Historic Misjudgments in Hindsight Viewing the past through the lens of history is unfair to the participants. Missteps are too obvious. Failures are too abundant. Vanities are too absurd. The benefit of hindsight often renders the participants mere imbeciles on parade. The moment Custer realized things were not going exactly as planned. PT Was George Armstrong Custer really just an arrogant Lieutenant Colonel who led his men to massacre at Little Bighorn? Maybe. Especially when Sitting Bull, Crazy Horse, and numbers estimated to be over ten times his cavalry appeared across the river. Were George Donner and his brother Jacob naïve fools when they led their traveling party into the Sierra Nevada in late fall? Perhaps. Particularly when they resorted to munching
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Historic Misjudgments in Hindsight
Viewing the past through the lens of history is unfair to the participants. Missteps are too obvious. Failures are too abundant. Vanities are too absurd. The benefit of hindsight often renders the participants mere imbeciles on parade.
|Was George Armstrong Custer really just an arrogant Lieutenant Colonel who led his men to massacre at Little Bighorn? Maybe. Especially when Sitting Bull, Crazy Horse, and numbers estimated to be over ten times his cavalry appeared across the river.
Were George Donner and his brother Jacob naïve fools when they led their traveling party into the Sierra Nevada in late fall? Perhaps. Particularly when they resorted to munching on each other to survive the relentless blizzard.
Certainly, Custer and the Donner brothers were doing the best they could with the information available to them. The decisions they made must have seemed reasoned and calculated at the time. But what they couldn’t see – until it was too late to turn back – was that with each decision, they unwittingly took another step closer to their ultimate demise.
Still they were human just like we are human… no smarter, no dumber. We are not here to ridicule them; but rather, to learn from them.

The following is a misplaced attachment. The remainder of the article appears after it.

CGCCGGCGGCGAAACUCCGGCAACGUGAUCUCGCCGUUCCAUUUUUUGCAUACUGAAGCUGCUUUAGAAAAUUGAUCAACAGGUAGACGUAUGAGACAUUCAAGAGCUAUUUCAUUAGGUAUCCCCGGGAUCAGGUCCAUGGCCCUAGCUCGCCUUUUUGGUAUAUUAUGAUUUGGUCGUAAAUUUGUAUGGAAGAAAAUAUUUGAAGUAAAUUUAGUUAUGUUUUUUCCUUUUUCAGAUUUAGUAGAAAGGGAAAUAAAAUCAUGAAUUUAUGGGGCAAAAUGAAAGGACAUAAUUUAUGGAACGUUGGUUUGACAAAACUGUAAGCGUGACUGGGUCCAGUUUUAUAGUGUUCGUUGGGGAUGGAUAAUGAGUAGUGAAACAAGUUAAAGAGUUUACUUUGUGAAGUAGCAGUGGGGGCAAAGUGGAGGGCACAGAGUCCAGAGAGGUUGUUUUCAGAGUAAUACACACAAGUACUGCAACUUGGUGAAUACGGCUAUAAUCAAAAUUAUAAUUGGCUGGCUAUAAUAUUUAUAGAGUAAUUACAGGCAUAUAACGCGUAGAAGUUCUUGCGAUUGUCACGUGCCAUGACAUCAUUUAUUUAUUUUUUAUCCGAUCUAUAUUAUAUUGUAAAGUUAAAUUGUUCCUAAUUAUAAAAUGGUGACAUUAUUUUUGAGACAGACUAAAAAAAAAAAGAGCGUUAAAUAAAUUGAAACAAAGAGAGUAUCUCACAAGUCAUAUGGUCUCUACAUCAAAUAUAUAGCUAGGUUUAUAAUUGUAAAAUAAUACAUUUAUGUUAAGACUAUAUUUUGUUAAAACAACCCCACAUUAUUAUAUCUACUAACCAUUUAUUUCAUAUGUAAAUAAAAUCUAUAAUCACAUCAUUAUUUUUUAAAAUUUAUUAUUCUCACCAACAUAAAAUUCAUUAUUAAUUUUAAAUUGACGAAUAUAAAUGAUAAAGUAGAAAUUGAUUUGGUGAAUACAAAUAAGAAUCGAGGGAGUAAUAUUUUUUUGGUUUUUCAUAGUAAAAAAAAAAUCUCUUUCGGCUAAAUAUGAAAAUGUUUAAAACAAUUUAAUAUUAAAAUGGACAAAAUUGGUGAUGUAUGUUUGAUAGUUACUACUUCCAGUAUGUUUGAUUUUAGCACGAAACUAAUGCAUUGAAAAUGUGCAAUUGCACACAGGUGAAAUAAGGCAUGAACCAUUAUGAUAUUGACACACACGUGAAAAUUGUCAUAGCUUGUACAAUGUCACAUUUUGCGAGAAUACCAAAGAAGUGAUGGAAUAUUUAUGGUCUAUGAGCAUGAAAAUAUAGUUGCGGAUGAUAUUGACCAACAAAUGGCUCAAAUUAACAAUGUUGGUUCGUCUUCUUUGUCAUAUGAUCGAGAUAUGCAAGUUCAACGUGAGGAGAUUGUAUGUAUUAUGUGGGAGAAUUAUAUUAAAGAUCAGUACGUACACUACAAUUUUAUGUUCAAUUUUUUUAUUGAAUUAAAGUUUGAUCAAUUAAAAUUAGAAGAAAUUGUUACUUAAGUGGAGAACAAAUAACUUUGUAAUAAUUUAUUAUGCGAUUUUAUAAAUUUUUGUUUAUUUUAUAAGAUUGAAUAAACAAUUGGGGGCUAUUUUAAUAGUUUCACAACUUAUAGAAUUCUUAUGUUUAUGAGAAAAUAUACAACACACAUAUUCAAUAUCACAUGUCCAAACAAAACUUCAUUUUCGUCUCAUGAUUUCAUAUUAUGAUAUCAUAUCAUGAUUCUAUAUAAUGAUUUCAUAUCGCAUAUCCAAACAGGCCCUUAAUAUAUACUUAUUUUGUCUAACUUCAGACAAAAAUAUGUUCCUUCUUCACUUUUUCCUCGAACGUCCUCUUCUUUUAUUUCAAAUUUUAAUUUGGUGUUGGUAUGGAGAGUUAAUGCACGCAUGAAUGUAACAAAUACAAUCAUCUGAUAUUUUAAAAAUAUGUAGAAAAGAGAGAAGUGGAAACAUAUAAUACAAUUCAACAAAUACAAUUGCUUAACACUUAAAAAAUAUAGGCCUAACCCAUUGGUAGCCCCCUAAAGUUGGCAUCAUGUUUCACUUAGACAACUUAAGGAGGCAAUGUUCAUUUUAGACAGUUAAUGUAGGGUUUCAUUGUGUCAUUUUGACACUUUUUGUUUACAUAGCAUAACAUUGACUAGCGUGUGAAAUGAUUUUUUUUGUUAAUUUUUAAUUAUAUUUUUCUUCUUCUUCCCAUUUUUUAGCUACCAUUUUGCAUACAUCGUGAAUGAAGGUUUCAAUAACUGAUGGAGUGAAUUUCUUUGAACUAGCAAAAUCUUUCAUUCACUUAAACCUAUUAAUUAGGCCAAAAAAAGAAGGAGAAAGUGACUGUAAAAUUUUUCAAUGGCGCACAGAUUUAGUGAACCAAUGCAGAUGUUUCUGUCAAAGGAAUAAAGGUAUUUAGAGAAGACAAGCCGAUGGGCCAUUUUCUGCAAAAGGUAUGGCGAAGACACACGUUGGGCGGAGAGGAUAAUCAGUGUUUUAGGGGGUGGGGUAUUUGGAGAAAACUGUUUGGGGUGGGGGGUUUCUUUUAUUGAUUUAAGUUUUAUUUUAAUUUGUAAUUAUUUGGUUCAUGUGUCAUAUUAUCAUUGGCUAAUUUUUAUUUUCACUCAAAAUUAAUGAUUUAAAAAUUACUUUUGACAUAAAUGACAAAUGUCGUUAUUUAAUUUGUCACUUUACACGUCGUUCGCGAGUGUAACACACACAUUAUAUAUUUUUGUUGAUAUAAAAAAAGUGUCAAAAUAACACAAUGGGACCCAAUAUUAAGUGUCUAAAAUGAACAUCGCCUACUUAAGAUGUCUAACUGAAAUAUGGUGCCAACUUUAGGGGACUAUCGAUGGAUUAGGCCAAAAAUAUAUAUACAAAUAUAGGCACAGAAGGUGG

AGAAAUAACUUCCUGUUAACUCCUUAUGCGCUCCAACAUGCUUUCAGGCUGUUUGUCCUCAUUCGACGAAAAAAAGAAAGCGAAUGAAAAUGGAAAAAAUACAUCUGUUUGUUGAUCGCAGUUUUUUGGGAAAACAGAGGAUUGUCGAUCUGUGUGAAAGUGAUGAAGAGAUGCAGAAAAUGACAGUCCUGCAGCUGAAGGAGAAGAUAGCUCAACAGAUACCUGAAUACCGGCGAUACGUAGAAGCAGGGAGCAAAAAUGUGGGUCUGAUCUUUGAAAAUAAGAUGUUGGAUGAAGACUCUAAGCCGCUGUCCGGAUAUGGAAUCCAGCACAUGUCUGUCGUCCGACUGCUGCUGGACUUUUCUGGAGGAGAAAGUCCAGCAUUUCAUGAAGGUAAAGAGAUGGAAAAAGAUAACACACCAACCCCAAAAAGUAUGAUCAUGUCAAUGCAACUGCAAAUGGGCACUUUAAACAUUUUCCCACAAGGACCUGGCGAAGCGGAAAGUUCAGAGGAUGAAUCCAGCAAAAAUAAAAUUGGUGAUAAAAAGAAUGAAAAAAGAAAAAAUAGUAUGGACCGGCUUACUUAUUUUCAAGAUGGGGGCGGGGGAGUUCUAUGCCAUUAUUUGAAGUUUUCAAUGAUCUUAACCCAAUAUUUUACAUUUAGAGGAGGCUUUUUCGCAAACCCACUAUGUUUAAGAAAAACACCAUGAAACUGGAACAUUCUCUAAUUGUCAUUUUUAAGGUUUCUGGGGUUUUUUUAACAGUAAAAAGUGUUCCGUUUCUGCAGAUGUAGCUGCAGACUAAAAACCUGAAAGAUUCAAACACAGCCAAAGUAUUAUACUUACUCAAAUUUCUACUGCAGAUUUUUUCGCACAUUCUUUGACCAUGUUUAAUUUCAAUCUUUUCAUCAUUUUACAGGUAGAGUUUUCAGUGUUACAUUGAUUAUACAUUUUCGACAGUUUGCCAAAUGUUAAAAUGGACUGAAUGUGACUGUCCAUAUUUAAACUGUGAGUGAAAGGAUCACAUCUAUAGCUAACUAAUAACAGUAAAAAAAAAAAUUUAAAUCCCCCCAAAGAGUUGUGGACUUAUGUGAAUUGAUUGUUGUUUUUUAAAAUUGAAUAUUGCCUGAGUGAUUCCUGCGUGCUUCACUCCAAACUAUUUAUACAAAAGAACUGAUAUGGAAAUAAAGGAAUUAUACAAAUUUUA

A Good Man in a Bad Trade
Rudolf von Havenstein had been president of the Reichsbank – the German central bank – since 1908. He knew the workings of central bank debt issuance better than anyone. He was good at it.
Thus, when he was called upon by history to deliver a miracle for the Deutches Reich in the aftermath of WWI, he knew exactly what to do. He would deliver monetary stimulus. In fact, he had already been at it for several years.
On August 4, 1914, at the start of the war, the gold mark – or gold-backed Reichmark – became the unbacked paper mark. With gold out of the picture, the money supply could be expanded to meet the endless demands of war.
To this end, von Havenstein took public debt from 5.2 billion marks in 1914 to 105.3 billion marks in 1918. Over this time, he increased the quantity of marks from 5.9 billion to 32.9 billion. German wholesale prices rose 115 percent.
By the war’s end, Germany’s economy was in shambles. Industrial production in 1920 had slipped to just 61 percent of the level seen in 1913. With a weak economy, and under the crushing weight of debt, it was time for von Havenstein to really get to work.
In truth, he didn’t have much of a choice. The limits of fiscal and monetary prudence had been crossed when the gold-mark was replaced with the paper-mark. Reversing course now would have brought an immediate economic collapse and societal discord. What happened next?
The Triumph of Madness
Our friend Bill Bonner, as recently revealed in his Daily Diary, will tell you what happened next:
Wholesale and consumer prices
The evolution of prices, exchange rates, wages and unemployment during the Weimar Republic’s hyperinflation episode (adapted from Constantino Bresciani-Turroni). Initially, the ill effects of the Reichsbank’s money supply inflation seemed to be limited; as real wages declined, unemployment actually fell to record lows – a crack-up boom was underway. Eventually the German government introduced mandatory wage indexing in order to mitigate the growing plight of wage earners. Upon this unemployment immediately soared, moving from record lows to record highs within just two years. At the same time the decline in the paper-mark’s purchasing power and external value accelerated until the currency for all practical purposes ceased to function as a viable medium of exchange. The medium-term political repercussions of this economic catastrophe would soon engulf the whole world. [PT]
|Naturally, no one could have seen that coming. Not even a practitioner of abstract thinking could have forecast such madness. But step by step, madness triumphed – and step by step, madness triumphs today. By this, here is a quick, incomplete list of steps taken into our current madness:
What happens next? Debts will be paid in full. The dollar will go up in smoke. And step by step, madness of the kind only abstract thinking can forecast will triumph.
In order to restore economic confidence, the Reichsbank replaced the paper-mark in mid November 1923 with a transitional currency, the so-called “Rentenmark”, at a rate of 1 Rentenmark for 1 trillion paper marks. It was yet another fiat currency, pretend-backed by agricultural and business real estate, but the limit placed on its issuance did do the trick. For a while all three German currencies (paper mark, gold mark and Rentenmark) existed side-by-side; in August 1924 the Rentenmark was exchanged 1:1 for the new Reichsmark and the old paper mark was phased out. [PT]
Charts by acting-man/Bresciani-Turroni
Chart annotations and image captions by PT
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